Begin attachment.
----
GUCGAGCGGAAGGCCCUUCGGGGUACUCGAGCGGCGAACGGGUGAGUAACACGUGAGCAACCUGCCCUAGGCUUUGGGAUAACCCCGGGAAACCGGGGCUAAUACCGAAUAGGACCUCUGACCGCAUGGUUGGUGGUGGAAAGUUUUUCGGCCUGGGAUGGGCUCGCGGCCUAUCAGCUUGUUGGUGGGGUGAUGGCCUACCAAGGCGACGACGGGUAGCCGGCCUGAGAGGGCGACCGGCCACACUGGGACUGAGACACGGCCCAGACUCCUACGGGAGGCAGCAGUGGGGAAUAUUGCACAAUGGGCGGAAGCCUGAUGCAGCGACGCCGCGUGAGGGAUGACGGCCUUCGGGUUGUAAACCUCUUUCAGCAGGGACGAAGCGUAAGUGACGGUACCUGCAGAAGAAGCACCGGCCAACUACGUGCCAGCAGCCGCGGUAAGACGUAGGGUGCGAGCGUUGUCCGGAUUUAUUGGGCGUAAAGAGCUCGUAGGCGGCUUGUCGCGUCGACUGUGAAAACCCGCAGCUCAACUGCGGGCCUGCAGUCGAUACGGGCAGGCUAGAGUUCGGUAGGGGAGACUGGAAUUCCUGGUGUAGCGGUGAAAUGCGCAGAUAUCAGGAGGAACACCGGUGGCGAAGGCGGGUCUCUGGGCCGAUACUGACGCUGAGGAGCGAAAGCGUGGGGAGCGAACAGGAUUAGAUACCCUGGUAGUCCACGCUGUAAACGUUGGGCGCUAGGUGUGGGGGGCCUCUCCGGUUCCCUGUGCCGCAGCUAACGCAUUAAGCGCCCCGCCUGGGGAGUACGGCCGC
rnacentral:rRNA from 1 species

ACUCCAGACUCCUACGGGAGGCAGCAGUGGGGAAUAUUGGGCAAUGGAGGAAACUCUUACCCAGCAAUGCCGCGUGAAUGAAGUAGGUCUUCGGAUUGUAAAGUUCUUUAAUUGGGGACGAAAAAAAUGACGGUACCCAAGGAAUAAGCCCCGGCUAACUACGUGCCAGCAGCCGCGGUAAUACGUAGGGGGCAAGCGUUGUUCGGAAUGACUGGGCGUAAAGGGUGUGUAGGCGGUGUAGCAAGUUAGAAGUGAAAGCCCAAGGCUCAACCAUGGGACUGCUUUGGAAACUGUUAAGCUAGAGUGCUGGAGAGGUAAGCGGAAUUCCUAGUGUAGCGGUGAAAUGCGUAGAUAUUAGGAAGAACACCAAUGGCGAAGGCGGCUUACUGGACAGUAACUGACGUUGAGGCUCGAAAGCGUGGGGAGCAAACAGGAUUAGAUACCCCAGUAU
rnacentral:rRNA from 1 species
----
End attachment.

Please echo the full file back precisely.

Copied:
GUCGAGCGGAAGGCCCUUCGGGGUACUCGAGCGGCGAACGGGUGAGUAACACGUGAGCAACCUGCCCUAGGCUUUGGGAUAACCCCGGGAAACCGGGGCUAAUACCGAAUAGGACCUCUGACCGCAUGGUUGGUGGUGGAAAGUUUUUCGGCCUGGGAUGGGCUCGCGGCCUAUCAGCUUGUUGGUGGGGUGAUGGCCUACCAAGGCGACGACGGGUAGCCGGCCUGAGAGGGCGACCGGCCACACUGGGACUGAGACACGGCCCAGACUCCUACGGGAGGCAGCAGUGGGGAAUAUUGCACAAUGGGCGGAAGCCUGAUGCAGCGACGCCGCGUGAGGGAUGACGGCCUUCGGGUUGUAAACCUCUUUCAGCAGGGACGAAGCGUAAGUGACGGUACCUGCAGAAGAAGCACCGGCCAACUACGUGCCAGCAGCCGCGGUAAGACGUAGGGUGCGAGCGUUGUCCGGAUUUAUUGGGCGUAAAGAGCUCGUAGGCGGCUUGUCGCGUCGACUGUGAAAACCCGCAGCUCAACUGCGGGCCUGCAGUCGAUACGGGCAGGCUAGAGUUCGGUAGGGGAGACUGGAAUUCCUGGUGUAGCGGUGAAAUGCGCAGAUAUCAGGAGGAACACCGGUGGCGAAGGCGGGUCUCUGGGCCGAUACUGACGCUGAGGAGCGAAAGCGUGGGGAGCGAACAGGAUUAGAUACCCUGGUAGUCCACGCUGUAAACGUUGGGCGCUAGGUGUGGGGGGCCUCUCCGGUUCCCUGUGCCGCAGCUAACGCAUUAAGCGCCCCGCCUGGGGAGUACGGCCGC
rnacentral:rRNA from 1 species

ACUCCAGACUCCUACGGGAGGCAGCAGUGGGGAAUAUUGGGCAAUGGAGGAAACUCUUACCCAGCAAUGCCGCGUGAAUGAAGUAGGUCUUCGGAUUGUAAAGUUCUUUAAUUGGGGACGAAAAAAAUGACGGUACCCAAGGAAUAAGCCCCGGCUAACUACGUGCCAGCAGCCGCGGUAAUACGUAGGGGGCAAGCGUUGUUCGGAAUGACUGGGCGUAAAGGGUGUGUAGGCGGUGUAGCAAGUUAGAAGUGAAAGCCCAAGGCUCAACCAUGGGACUGCUUUGGAAACUGUUAAGCUAGAGUGCUGGAGAGGUAAGCGGAAUUCCUAGUGUAGCGGUGAAAUGCGUAGAUAUUAGGAAGAACACCAAUGGCGAAGGCGGCUUACUGGACAGUAACUGACGUUGAGGCUCGAAAGCGUGGGGAGCAAACAGGAUUAGAUACCCCAGUAU
rnacentral:rRNA from 1 species